Master in Teaching

Expectations and Outcomes

The Master in Teaching (MiT) program upholds graduate-level academic and professional standards. The faculty team for each cohort cycle provides students with a covenant of mutual responsibilities and requirements for successful program completion explained in detail in the MiT Student Guidebook to Policies, Procedures and Resources. Additional expectations are found in the MiT Student Teaching Handbook and in individual program-specific syllabi and assignments.

Through program work, as documented in portfolios, the Advancement to Candidacy interview, narrative evaluations and student teaching internship evaluations, the candidate must demonstrate the following criteria for good academic standing:

  • graduate-level critical and analytical thinking skills, as determined by the professional judgment of the faculty
  • mastery of program knowledge and skill requirements as determined by faculty and public school cooperating teachers
  • ability to work with and respect diversity in all its forms
  • appropriate professional dispositions
  • interpersonal verbal and written communication skills necessary for K–12 teaching and for interacting effectively with students, families, communities and professional colleagues, as determined by the professional judgment of faculty and public school cooperating teachers
  • adequate pedagogical skills as determined by the Washington Teacher Performance Assessment (edTPA) and the MiT Student Teaching Rubric, including the ability to demonstrate a positive impact on K–12 student learning.

Program Outcomes

Faculty recommend candidates for certification leading to the Washington State Residency Teaching certificate and the awarding of the MiT degree based upon successful completion of the program, including completion of all endorsement requirements, appropriate professional dispositions, two successful student teaching internships, passing the Washington Teacher Performance Assessment (edTPA), and demonstration of a positive impact on K–12 students' learning.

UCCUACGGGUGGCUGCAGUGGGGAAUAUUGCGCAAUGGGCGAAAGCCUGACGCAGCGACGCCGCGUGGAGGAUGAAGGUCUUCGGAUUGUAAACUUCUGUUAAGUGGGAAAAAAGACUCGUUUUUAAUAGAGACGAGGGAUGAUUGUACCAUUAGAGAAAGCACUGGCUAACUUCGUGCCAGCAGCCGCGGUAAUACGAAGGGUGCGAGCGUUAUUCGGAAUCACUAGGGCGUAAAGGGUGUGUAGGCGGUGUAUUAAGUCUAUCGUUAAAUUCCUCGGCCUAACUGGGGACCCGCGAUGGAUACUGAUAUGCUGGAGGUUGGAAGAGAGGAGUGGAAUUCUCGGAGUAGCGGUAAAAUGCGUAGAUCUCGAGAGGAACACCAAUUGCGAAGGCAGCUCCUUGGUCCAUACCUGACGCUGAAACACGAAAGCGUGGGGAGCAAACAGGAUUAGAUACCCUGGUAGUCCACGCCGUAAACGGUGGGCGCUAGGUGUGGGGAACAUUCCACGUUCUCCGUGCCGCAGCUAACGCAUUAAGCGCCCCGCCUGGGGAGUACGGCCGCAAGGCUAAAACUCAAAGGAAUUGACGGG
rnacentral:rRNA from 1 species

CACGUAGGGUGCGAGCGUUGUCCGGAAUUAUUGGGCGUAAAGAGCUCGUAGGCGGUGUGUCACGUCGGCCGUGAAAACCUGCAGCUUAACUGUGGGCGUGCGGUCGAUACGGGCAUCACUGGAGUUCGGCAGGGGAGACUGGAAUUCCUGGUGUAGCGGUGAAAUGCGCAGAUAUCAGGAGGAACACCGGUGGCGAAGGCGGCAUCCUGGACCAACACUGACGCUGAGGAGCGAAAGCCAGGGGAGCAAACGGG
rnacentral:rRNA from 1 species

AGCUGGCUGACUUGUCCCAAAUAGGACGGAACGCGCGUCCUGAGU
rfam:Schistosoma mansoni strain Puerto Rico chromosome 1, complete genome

At the conclusion of the program, candidates can anticipate having a knowledge base appropriate for a beginning teacher to:

  • create a classroom environment of respect and rapport
  • reflect on planning and teaching—through insights gained from analyzing one’s own cultural encapsulation—to improve student learning
  • understand the importance of multicultural and anti-bias advocacy for all students realize the value of democratic actions and decision-making with students and professional colleagues
  • organize, teach and evaluate lessons that reflect state and national educational reform expectations, including the integration of math, sustainability and the arts across the curriculum
  • design and implement engaging, student-centered, thematically-based instructional experiences
  • work with different-sized groups of students
  • demonstrate a positive impact on students’ learning.